No Fault Divorce – The End of the Blame Game?
Currently in England and Wales if someone wishes to end their marriage and apply for a divorce, they have to rely one of five “facts” to prove that the marriage has irretrievably broken down.
If a couple have not lived together for more than two years, then so long as they both agree, the person seeking a divorce need only state the fact they have lived apart for this period.
In many cases, however, having to wait two years before applying for a divorce is simply intolerable, especially where financial assistance is needed or both parties simply see no reason for prolonging the marriage if they agree it is over.
The difficulty is that if a person wishes to divorce sooner, they have to either accuse the other party of committing adultery or say that the other party has behaved unreasonably. Adultery is hard to prove unless the other person is prepared to admit it. Unreasonable behaviour requires a statement detailing the offending party’s ‘bad behaviour’ in order to convince the Court that it would not be reasonable to expect the petitioner to continue to live with them. In practice, this statement is sent to the responding spouse before the divorce petition is even issued, often causing bitterness, distress and humiliation, which can set the tone for the entire process.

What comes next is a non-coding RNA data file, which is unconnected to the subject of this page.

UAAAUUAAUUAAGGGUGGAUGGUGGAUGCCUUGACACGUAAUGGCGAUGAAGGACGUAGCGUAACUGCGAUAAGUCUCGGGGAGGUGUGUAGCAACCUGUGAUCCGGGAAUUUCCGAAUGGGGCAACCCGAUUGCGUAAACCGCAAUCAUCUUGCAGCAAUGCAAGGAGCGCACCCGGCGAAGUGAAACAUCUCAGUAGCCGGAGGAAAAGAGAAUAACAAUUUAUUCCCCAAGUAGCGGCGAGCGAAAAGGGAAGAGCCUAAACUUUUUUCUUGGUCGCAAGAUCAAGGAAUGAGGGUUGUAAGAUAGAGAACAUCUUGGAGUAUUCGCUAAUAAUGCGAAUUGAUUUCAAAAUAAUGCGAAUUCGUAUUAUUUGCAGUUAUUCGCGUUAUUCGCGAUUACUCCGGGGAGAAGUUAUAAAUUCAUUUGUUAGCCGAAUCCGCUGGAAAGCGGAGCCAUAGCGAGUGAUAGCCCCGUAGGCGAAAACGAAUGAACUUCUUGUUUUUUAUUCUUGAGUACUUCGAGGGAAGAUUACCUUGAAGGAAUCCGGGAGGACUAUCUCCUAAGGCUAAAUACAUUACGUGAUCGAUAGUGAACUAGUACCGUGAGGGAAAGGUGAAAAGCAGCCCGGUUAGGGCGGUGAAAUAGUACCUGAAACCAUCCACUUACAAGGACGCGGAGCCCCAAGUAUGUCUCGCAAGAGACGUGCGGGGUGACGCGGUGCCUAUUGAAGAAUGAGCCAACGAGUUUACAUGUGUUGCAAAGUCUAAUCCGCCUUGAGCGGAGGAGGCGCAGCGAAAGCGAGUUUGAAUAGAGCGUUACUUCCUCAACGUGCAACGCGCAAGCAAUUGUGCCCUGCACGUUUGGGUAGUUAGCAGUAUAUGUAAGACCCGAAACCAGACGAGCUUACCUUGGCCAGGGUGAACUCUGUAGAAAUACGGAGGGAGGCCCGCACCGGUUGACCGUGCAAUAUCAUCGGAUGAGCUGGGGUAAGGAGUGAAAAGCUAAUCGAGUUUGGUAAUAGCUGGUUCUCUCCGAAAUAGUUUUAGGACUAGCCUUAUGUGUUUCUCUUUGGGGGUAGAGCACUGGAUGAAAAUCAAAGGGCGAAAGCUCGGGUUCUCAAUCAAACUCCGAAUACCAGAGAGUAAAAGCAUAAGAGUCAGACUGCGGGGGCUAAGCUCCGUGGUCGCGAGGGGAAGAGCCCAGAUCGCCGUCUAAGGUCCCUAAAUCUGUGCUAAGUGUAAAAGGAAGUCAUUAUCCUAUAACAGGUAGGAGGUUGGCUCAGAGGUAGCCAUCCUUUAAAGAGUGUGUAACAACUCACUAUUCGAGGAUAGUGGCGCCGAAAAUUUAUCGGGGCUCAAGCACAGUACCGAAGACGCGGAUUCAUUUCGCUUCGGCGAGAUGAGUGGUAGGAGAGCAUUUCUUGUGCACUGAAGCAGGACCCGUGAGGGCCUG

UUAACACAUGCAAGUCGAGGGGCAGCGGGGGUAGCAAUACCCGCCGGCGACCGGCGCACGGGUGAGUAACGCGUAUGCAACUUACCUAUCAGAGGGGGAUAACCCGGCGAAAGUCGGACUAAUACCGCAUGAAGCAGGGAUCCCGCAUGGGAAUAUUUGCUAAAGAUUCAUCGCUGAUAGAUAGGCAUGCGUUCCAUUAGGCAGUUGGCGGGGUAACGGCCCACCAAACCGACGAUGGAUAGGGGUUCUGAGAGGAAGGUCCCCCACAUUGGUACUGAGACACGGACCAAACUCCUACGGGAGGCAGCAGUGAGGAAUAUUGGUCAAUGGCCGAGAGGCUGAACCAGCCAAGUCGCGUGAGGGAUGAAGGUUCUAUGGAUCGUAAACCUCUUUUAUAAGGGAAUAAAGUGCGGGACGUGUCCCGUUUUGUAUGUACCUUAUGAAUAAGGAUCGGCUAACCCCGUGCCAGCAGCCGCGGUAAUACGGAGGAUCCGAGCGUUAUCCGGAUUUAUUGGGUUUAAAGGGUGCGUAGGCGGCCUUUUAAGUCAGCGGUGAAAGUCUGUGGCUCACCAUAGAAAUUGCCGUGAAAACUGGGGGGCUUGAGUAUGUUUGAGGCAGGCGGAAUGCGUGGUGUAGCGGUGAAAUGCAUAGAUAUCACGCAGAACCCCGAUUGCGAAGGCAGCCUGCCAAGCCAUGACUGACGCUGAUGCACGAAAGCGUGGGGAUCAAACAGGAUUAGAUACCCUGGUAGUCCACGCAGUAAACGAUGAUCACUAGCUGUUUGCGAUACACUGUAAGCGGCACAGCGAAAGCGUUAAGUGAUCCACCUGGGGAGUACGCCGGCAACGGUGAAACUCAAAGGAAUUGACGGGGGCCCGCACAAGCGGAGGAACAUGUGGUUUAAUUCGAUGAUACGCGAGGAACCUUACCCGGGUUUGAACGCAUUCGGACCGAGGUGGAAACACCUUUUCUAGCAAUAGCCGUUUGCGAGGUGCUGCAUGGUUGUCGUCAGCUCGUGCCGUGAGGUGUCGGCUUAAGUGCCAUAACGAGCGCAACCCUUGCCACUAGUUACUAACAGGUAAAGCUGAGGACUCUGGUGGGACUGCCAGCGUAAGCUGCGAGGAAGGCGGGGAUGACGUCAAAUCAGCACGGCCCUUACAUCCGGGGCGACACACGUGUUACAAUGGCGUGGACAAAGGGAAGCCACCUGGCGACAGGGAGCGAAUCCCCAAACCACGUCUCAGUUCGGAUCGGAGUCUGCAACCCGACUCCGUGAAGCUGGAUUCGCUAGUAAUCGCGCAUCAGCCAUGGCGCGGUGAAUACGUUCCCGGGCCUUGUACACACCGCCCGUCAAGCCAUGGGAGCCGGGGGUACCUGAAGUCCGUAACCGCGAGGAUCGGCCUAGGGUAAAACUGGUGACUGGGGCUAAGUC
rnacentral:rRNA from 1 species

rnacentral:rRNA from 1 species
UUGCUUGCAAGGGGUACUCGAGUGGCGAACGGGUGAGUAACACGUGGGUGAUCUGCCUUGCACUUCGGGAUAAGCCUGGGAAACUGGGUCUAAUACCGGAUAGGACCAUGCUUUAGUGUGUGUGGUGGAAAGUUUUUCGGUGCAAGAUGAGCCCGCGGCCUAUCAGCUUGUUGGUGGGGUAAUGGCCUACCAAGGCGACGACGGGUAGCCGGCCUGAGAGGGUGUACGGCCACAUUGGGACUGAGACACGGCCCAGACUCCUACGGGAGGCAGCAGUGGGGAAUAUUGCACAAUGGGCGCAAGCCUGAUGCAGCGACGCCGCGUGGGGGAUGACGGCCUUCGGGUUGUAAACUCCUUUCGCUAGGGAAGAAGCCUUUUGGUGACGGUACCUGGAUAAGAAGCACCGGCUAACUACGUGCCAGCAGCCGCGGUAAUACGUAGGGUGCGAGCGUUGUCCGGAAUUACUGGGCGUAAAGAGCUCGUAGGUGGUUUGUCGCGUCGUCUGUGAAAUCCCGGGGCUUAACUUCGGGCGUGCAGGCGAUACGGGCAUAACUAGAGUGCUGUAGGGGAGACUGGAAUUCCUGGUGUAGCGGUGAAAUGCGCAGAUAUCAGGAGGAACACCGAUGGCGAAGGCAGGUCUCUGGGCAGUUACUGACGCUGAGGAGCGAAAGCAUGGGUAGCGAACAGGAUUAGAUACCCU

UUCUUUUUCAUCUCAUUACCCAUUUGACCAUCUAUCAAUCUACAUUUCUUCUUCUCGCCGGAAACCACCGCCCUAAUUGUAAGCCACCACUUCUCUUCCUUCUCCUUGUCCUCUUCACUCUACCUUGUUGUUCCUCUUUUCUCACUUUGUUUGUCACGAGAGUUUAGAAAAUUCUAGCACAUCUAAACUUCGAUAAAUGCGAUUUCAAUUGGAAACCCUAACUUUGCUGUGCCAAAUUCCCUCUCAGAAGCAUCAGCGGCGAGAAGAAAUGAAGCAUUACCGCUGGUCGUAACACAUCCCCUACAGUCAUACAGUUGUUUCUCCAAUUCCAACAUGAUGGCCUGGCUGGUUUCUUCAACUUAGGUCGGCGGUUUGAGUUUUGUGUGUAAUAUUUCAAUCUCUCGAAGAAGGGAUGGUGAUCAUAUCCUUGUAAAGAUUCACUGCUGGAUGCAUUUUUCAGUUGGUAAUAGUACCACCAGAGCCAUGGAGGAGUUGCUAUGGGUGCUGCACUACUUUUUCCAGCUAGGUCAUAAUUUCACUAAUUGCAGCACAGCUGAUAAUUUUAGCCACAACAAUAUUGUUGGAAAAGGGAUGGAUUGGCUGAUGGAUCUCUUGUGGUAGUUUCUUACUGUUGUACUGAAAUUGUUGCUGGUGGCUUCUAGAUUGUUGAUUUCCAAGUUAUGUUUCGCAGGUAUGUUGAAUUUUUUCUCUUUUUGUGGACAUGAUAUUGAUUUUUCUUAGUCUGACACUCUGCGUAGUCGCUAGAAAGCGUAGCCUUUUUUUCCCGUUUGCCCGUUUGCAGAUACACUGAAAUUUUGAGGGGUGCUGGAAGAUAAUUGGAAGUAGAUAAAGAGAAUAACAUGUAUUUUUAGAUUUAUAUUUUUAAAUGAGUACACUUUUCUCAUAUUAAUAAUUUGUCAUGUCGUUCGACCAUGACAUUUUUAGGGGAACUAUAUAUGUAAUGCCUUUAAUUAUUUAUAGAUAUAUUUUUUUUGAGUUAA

The new Divorce, Dissolution and Separation Act 2020 reforms the divorce process by removing the concept of fault and introducing an option for a joint application. It will also no longer be possible to contest a divorce.
The language used in divorce proceedings will also be simplified to make the process easier to follow. For example, ‘decree nisi’ will be changed to ‘Conditional Order’ and ‘decree absolute’ will be changed to ‘Final Order’.
The aim of the new Act is also to make the divorce process more straightforward , as each petition will have the same format and contain a short statement of irretrievable breakdown, which can simply state that the relationship is no longer working.
All of these changes will also apply to the dissolution of civil partnerships.
The new reforms are much welcomed by the majority of Family practitioners. There are of course those who have concerns that making it easier to obtain a divorce undermines the institution of marriage. However, after a potential spike in the number of divorce petitions being issued, it is likely that the numbers will quickly return to normal. After all, the new divorce process will not increase the number of marital breakdowns, but simply make the process less stressful and less acrimonious, during what is already a difficult time for those involved.
Although the act received Royal Assent in June 2020, the reforms have not yet come into force. The government is currently working on implementing the changes. The new process is expected to be introduced in autumn 2021.
If you wish to know more about how your current situation may be impacted by the divorce reforms, or are looking for advice generally regarding your separation, please contact our Family Team at Leeds Day on 0844 567 2222 or send an email to firstname.lastname@example.org
We have a wealth of experience in dealing with families in conflict and can provide you with support throughout the entire process.